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Clinical Thyroidology for Patients
Up-to-date information to help you understand thyroid disease through the latest research.
In this issue, the studies ask the following questions:
- Should there be a different upper limit of normal for TSH in the elderly?
- Does treating hypothyroidism have any effect on chronic kidney disease?
- Can molecular analysis of thyroid biopsies help avoid surgery for benign nodules?
- How long does it take for urinary iodine to return to normal after receiving iodinated contrast?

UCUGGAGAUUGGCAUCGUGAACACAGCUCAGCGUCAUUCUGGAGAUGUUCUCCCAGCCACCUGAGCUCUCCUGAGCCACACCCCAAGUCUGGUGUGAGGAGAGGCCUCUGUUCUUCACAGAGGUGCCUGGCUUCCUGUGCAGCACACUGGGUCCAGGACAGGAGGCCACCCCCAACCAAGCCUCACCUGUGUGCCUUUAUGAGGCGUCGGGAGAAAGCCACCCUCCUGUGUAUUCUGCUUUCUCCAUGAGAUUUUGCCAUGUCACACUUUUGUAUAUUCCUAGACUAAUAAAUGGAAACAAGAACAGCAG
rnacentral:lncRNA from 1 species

- What is the better study to localize recurrent thyroid cancer – PET scans or RAI withdrawal scans?
We welcome your feedback and suggestions. Let us know what you want to see in this publication. I hope you find these summaries interesting and informative.
— Alan P. Farwell, MD
HYPOTHYROIDISM Using age-specific upper limit for normal TSH slightly reduces the incidence of subclinical hypothyroidism in the elderly
HYPOTHYROIDISM Treatment of subclinical hypothyroidism and the effect on chronic kidney disease
THYROID NODULES Molecular analysis of thyroid nodule biopsies may be helpful to determine whether an indeterminate nodule is benign
THYROID CANCER It takes only one month for urinary iodine to return to its baseline value after the use of iodinated contrast agents in patients who have undergone thyroidectomy
THYROID CANCER PET scans are superior to radioactive iodine whole-body scanning in localizing recurrent or persistent thyroid carcinoma